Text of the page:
Middle-aged drivers may face hike in insurance premiums
MIDDLE-aged drivers could end up paying more for motor insurance if the EU goes ahead with proposals to ban insurers charging people based on their ages.
The planned directive on pricing based on age and disability would mean some types of insurance would no longer be available, experts said.
Later this year a European Commission directive will ban insurers from using gender when calculating insurance costs. The new rules are expected to drive up the cost of insurance for women while lowering costs for young men.
Now the EU is looking at stopping insurance companies using someone's age as the basis for an insurance quote.
This would make it impossible to charge younger drivers more for insurance even though they have more accidents.
And the over-70s, who have more accidents than those in their 30s, 40s, and 50s, would also see premiums coming down.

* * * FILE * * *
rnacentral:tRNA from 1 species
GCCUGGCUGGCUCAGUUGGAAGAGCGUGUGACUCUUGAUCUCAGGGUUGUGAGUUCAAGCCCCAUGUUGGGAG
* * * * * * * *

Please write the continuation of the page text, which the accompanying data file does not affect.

But those aged between 30 and 60 could end up paying more for motor insurance, Jim Murphy of the Society of Actuaries in Ireland said yesterday.
"If risk factors such as age and disability should be ruled discriminatory, as was the case for gender in the landmark ruling of the European Court of Justice in March 2011, certain types of insurance cover could become unavailable," he said.
Mr Murphy said a rule banning age from being used to calculate insurance premiums would make it impossible to offer pension annuities.
EU officials are also considering banning the use of sexual orientation and religious beliefs when pricing insurance.
Mr Murphy said restricting age as a way of pricing insurance would mean it would not be economic for young people to take out life insurance.
From the end of this year insurers will no longer be able to use gender when calculating insurance costs.